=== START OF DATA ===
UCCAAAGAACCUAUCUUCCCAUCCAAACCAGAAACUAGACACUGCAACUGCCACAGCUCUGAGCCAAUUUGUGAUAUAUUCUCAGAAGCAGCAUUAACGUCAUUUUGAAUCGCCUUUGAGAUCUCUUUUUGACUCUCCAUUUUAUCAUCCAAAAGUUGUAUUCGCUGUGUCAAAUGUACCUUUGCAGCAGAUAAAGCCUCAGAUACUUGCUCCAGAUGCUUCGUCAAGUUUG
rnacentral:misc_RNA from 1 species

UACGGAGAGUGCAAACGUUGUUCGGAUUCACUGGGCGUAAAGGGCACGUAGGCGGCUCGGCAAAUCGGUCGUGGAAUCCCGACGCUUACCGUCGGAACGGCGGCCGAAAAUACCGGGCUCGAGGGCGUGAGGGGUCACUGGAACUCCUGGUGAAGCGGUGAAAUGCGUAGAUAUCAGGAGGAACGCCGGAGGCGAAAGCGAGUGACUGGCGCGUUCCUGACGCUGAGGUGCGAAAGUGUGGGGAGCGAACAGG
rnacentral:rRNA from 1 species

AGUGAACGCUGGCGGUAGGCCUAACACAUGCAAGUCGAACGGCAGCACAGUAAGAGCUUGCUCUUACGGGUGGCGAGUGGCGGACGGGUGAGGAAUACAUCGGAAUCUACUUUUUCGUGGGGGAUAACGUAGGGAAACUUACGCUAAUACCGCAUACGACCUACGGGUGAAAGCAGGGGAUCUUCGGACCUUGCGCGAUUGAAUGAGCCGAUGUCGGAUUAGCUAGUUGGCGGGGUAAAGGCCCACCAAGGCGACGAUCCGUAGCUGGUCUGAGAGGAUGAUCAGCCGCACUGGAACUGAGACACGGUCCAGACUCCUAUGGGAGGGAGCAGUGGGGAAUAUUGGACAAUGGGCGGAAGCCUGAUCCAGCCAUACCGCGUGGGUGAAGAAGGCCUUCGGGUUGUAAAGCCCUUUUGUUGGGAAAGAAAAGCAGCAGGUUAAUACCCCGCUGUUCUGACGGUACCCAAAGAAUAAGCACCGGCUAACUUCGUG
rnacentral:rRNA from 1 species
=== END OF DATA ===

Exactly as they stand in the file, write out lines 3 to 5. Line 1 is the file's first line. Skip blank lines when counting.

UACGGAGAGUGCAAACGUUGUUCGGAUUCACUGGGCGUAAAGGGCACGUAGGCGGCUCGGCAAAUCGGUCGUGGAAUCCCGACGCUUACCGUCGGAACGGCGGCCGAAAAUACCGGGCUCGAGGGCGUGAGGGGUCACUGGAACUCCUGGUGAAGCGGUGAAAUGCGUAGAUAUCAGGAGGAACGCCGGAGGCGAAAGCGAGUGACUGGCGCGUUCCUGACGCUGAGGUGCGAAAGUGUGGGGAGCGAACAGG
rnacentral:rRNA from 1 species

AGUGAACGCUGGCGGUAGGCCUAACACAUGCAAGUCGAACGGCAGCACAGUAAGAGCUUGCUCUUACGGGUGGCGAGUGGCGGACGGGUGAGGAAUACAUCGGAAUCUACUUUUUCGUGGGGGAUAACGUAGGGAAACUUACGCUAAUACCGCAUACGACCUACGGGUGAAAGCAGGGGAUCUUCGGACCUUGCGCGAUUGAAUGAGCCGAUGUCGGAUUAGCUAGUUGGCGGGGUAAAGGCCCACCAAGGCGACGAUCCGUAGCUGGUCUGAGAGGAUGAUCAGCCGCACUGGAACUGAGACACGGUCCAGACUCCUAUGGGAGGGAGCAGUGGGGAAUAUUGGACAAUGGGCGGAAGCCUGAUCCAGCCAUACCGCGUGGGUGAAGAAGGCCUUCGGGUUGUAAAGCCCUUUUGUUGGGAAAGAAAAGCAGCAGGUUAAUACCCCGCUGUUCUGACGGUACCCAAAGAAUAAGCACCGGCUAACUUCGUG